“When it comes to accountability, dogs learn through physical guidance first before eyes and ears are last in priority.”
Ever had your dog ignore what you say? Dog’s don’t prioritize what is “heard” audibly as much as they prioritize physical guidance.
That physical guidance is the helping hand that helps a dog accomplish what is being requested, even if they don’t want to.
Have you ever called your dog to you and all you had to rely on was sheer “hope” and a prayer that your dog was going to come back to you?
Relying on “verbal” commands only is not how you get reliability. That’s how you get stuck hoping and praying for a dog to listen and/or hopefully staying safe.
Examples of physical guidance would be a leash and an ecollar. Now of course, we are all familiar with leashes but if you have a tight leash and a pulling dog, I’d say there is plenty of room for improvement with your leashwork technique.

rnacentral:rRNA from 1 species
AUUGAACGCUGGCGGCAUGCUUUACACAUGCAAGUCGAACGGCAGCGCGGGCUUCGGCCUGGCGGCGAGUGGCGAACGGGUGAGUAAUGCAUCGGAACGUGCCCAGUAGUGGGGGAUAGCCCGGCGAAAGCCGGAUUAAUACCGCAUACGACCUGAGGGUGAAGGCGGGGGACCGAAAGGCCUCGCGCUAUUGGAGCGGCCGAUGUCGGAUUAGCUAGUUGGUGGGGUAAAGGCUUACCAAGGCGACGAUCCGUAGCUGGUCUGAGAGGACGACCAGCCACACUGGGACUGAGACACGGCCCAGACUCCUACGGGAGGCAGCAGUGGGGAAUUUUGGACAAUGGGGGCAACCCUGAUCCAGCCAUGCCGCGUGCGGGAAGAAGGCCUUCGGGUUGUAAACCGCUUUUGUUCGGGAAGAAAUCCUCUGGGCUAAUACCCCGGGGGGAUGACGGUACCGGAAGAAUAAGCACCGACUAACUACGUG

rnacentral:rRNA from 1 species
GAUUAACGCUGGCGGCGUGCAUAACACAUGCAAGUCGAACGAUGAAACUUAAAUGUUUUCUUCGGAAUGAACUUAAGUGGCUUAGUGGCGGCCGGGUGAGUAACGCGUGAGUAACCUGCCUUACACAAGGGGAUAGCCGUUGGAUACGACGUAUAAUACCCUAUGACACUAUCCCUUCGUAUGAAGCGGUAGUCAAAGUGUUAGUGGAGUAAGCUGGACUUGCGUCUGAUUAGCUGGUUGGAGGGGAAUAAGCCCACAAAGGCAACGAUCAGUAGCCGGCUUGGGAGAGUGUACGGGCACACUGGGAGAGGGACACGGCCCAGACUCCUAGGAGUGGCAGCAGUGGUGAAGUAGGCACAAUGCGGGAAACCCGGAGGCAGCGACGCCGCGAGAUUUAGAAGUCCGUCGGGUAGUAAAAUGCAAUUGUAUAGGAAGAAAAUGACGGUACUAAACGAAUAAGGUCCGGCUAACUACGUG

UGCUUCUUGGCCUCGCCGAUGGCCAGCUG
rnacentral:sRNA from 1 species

As far as off-leash goes…yep, that’s a gamble. But we don’t like to live in uncertainty and we definitely don’t like to gamble with our dog’s safety.
So when off-leash, we use ecollars. Dog’s are trained to respond to the physical sensation of the ecollar. Because of the varying degrees of sensation coupled with massive versatility, plenty of reliability can be trained into off-leash situations.
Because of the ecollar, our dogs can experience massive freedom while still maintaining a “safety net” with their response.
Off leash is not the only place ecollars shine. Any distance work and work inside your home can be leveraged with the use and training of an ecollar to gain reliability.